CAMPAIGN: Builder gives family a taste of concept living

Housebuilder David Wilson Homes had a reputation as a cautious, traditional provider that only supplied houses at the higher end of the market.

Campaign Project:LiFE Research House
Client David Wilson Homes
PR team McCann Erickson Public Relations
Timescale 2004-2007
Budget Less than £200,000

McCann Erickson, which was tasked with raising the profile of the firm, proposed an ambitious plan. It recommended that the firm should emulate the car industry by building a ‘concept house’ and selecting a family to ‘test drive’ it for six months.

The resulting research would provide insights into family dynamics that could influence future house design, and lead to positive coverage.

To make David Wilson Homes stand out by demonstrating its understanding of the needs and wants of today’s housebuyers. To achieve national press and broadcast coverage.

Strategy and Plan
To ensure the project had credibility and value, McCann Erickson proposed a collaboration with the University of Nottingham’s School of the Built Environment, as well as a behavioural psychologist from the University of Leicester.

Both were involved throughout the campaign.

Due to the considerable investment required, 70 suppliers were persuaded to showcase their products within the home, a move that encouraged their PR support for the project. When completed, the house, on the outskirts of Sheffield, featured a built-in esp­resso machine, plasma TV screens, und­erfloor heating, a music library, a sunken bath, and a spare bed in the wardrobe. The property was valued at more than £1m.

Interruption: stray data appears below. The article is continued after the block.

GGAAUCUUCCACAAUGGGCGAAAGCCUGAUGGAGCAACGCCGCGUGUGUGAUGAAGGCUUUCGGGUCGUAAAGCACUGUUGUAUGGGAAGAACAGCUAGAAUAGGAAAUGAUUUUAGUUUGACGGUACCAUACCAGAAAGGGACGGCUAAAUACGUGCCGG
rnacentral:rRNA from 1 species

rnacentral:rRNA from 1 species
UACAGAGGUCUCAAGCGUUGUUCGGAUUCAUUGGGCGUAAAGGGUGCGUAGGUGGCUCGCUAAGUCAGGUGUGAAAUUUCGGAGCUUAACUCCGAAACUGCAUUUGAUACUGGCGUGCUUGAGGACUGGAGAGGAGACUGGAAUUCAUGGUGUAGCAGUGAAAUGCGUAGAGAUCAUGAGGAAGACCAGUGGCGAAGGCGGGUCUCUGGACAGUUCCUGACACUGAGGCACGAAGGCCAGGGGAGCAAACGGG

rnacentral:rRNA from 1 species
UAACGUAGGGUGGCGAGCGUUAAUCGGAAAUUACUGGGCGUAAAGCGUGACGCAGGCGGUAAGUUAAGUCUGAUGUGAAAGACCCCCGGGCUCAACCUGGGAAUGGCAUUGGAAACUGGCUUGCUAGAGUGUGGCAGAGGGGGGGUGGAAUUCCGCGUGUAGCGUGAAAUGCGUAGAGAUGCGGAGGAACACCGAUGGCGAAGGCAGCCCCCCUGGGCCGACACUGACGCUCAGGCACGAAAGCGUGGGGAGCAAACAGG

The PR team then undertook a nationwide media appeal to find the ‘test-drive family’, and sel­ected media were offered overnight stays at the property. During their seven-month period of occupation, the Parnell family were tagged and monitored by the two universities.

Measurement and Evaluation
Coverage included 11 items on national TV, four pieces on national radio, 14 regional TV items and a number of regional radio spots. Highlights included BBC Breakfast.

Elsewhere, BBC Newsround also reported on the experiment, and ran an interview with the youngest daughter of the house. Print coverage included the Sunday Express, Financial Times and The Daily Telegraph, all of which mentioned David Wilson Homes.

In addition, considerable coverage was achieved within housebuilding trade press.

The Mail on Sunday caused disappointment by backing out of an exclusive deal. Fortunately, an alternative exclusive was negotiated with The Observer – and on the day that it relaunched in its Berliner format.

Coverage exceeded expec­tations, and the value of the project to David Wilson Homes has been estimated at £13m. No market research has been commissioned to gauge its reputation, but the company has been asked by industry body Design For Homes to sponsor eScape – a townhouse design competition – and has been given many speaker opportunities at trade events.

Freelance journalist Edi Smockum, who moved her family into the house for a weekend on behalf of the Financial Times, says: ‘The house was a brilliant initiative by a builder who likes to think outside the box – and by “box” I mean most new-build houses.’

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